Sebastian Vettel in de Aston Martin F1-bolide

Sebastian Vettel in de Aston Martin F1-bolide © Aston Martin F1 team

According to four-time F1 champion Sebastian Vettel, Formula 1 urgently needs to take action to make itself greener as a sport and more relevant to everyday life, otherwise Formula 1 risks disappearing, according to Vettel.

Sebastian Vettel has increasingly become a champion of sustainability and the environment in recent years. At first sight it may be at odds with the fact that he is an F1 pilot with petrol-guzzling engines, but Vettel wants Formula 1 to take action as a sport and put his shoulders to it.

“Formula 1 is not green but we have the potential to make the sport greener without sacrificing the spectacle, the excitement, the speed and the passion,” Vettel said.

“There are so many intelligent people in this sport, we can certainly come up with some great solutions. In terms of regulation, we have very efficient engines but they are useless. With the current talks about the future rules, we need to talk more about changes that can really make a difference.”

According to the four-time world champion, fundamental changes must be made to keep Formula 1 relevant in the future.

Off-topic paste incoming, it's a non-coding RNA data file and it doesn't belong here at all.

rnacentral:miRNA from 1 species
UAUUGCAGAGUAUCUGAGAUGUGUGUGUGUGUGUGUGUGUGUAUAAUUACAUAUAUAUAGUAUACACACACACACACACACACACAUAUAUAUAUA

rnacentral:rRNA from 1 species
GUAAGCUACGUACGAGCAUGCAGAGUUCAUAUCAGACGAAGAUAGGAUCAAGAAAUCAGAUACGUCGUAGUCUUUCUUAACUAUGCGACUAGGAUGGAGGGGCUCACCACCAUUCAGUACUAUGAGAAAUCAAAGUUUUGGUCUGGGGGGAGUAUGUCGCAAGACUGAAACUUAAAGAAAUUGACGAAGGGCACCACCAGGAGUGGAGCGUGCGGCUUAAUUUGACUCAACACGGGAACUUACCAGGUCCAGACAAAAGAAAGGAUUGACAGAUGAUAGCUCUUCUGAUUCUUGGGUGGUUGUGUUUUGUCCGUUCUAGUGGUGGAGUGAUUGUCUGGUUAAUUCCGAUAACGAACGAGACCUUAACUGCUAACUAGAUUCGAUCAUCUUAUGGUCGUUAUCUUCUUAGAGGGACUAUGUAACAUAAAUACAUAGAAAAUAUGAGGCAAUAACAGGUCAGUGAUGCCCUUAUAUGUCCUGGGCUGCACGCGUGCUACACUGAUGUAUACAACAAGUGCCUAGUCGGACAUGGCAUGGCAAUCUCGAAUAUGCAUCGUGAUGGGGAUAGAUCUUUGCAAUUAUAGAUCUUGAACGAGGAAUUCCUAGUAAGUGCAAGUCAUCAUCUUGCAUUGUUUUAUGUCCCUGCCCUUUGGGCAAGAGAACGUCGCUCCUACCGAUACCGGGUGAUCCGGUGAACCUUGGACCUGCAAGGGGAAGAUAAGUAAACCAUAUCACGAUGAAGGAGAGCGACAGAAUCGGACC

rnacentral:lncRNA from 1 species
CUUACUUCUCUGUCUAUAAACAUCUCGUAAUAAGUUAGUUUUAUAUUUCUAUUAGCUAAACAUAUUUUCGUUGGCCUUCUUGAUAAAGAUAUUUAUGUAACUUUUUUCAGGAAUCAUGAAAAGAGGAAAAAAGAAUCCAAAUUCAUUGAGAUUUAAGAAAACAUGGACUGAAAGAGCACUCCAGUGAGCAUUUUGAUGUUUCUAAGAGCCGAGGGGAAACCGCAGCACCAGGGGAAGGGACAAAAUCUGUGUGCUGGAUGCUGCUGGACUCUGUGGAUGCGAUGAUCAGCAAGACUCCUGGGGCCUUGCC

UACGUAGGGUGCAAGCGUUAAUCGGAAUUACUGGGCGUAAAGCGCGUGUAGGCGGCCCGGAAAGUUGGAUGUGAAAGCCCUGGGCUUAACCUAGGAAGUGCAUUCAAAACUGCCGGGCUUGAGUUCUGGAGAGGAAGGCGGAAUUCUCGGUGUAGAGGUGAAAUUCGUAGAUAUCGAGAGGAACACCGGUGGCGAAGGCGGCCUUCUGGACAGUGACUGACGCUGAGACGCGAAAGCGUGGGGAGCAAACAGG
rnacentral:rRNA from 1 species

“This is very important for Formula 1, otherwise the sport threatens to disappear one day. We know the mistakes that happened in the past and we can’t afford to repeat them.”

Vettel again refers to the current generation of engines used in Formula 1. They are indeed very efficient and powerful, but their utility for the man or woman in the street is very limited.

“We have spent the last ten years developing super efficient, but extremely expensive hybrid engines that are irrelevant to the ordinary cars on the street,” said Vettel.

“I suspect these engines have easily cost manufacturers well over a billion in recent years. We have to use such large sums of money for the right purposes. I don’t know the ideal situation either, but I think it’s important that we look at this and that we don’t just do nothing for the next five years.”

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